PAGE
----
My biggest recommendation would be to get a consult with a pediatric physical therapist so you can find out if you should be concerned or not.  Usually its not a big deal but as with everything its a lot easier to change habits and motor patterns the earlier they are addressed.

I hope this was helpful!  If your PT has questions about what to do for idiopathic toe walking they can go to the clinical guidelines for toe walking developed by Cincinnati Children’s Hospital Medical Center on the National Guideline Clearinghouse.

January 18, 2010

Toe Walking: Is it a Big Deal?

toe walking

What is toe walking?  Toe walking in kids is when they either drastically walk on their tip toes or they don’t hit the ground with their heel first.  Walking is broken up into two phases, swing phase (when your foot is off the ground) and stance phase (when your foot is on the ground).  Toe walking would be noticed in stance phase because when their foot should be flat on the ground, it isn’t!

Walking develops with the child and when they first start walking they hit the floor with their foot flat and don’t rely on their calves and ankles much for walking.  As they develop a more mature gait (usually between 3-5) they hit the floor with their heel first and travel over their foot until they push off with their toes.  With toe walking the child will either hit the floor with their toes first or the ball of their foot and almost ‘bounce’ onto their toes.  With some kids this is only noticed when they are running and may not be as apparent when they are walking.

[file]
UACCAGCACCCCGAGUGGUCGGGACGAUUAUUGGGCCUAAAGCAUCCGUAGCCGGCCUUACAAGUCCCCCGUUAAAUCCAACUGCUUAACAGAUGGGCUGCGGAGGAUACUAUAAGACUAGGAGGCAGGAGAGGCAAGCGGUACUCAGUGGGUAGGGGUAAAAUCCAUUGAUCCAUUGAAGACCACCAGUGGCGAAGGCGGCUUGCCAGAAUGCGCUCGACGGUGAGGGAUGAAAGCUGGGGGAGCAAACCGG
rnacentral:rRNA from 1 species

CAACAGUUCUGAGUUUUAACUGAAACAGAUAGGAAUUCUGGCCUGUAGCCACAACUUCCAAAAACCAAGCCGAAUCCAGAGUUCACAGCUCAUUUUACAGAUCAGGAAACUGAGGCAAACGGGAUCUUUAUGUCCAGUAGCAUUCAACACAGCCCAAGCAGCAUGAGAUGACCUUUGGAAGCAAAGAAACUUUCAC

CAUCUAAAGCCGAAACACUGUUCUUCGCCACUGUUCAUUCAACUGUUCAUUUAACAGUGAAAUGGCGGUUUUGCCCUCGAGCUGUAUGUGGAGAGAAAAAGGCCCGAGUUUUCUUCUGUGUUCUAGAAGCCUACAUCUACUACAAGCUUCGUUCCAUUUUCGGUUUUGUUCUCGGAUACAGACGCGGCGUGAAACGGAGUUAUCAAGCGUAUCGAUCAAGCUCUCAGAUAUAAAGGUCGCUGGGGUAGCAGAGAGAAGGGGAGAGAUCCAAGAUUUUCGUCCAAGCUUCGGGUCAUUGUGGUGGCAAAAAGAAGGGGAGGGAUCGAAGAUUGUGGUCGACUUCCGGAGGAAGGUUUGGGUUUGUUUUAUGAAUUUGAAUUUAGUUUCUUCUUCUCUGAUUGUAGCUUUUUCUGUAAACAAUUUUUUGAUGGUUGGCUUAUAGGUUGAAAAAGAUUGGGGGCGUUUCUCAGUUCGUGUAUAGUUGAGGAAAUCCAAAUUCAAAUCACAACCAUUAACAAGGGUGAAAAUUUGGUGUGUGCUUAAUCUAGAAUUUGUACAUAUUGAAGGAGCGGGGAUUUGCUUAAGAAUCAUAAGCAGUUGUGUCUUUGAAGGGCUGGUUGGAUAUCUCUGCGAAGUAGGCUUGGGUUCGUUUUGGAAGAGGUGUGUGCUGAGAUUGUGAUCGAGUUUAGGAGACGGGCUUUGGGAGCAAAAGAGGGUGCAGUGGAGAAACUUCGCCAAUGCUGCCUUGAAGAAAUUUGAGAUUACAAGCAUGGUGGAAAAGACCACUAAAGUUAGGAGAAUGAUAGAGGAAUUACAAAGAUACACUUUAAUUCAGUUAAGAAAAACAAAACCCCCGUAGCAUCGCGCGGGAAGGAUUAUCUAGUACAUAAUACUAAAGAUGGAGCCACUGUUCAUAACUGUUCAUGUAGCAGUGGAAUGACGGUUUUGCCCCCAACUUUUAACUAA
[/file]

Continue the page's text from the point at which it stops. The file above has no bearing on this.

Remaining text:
Some toe walking is caused by cerebral palsy as a result of the shortening of the calf muscles.  This can be corrected by bracing and/or stretching along with other exercises.  Some kids just walk on their toes for no reason and this is called idiopathic toe walking.

I have found that for the kids that are idiopathic toe walkers they generally outgrow it however some of them don’t.  The biggest concerns I see are that they can develop tightness in their calves (although maybe it was the tightness that was there first).  They also have weaker calves.  We use our calf muscles to keep us from falling as we move our body over our foot while walking.  If our calves are weak and our body doesn’t think it can effectively keep us upright its reaction, in some cases, is to pop up onto our toes.  This isn’t something we think about, it just happens.  Also, you may notice some clumsiness in your child’s running and jumping because they are losing the benefit of the push off that they would get from hitting with their heel, then crossing over their flat foot and then using their calf muscle to push off with their toes to propel them forward.  If they are already on their toes they have no momentum to gain. It would be like trying to get a spring to go that never got compressed.

So, I hope you hear me that idiopathic toe walking is not a big problem unless they are having trouble with clumsiness or running or jumping or other activities that kids like to do!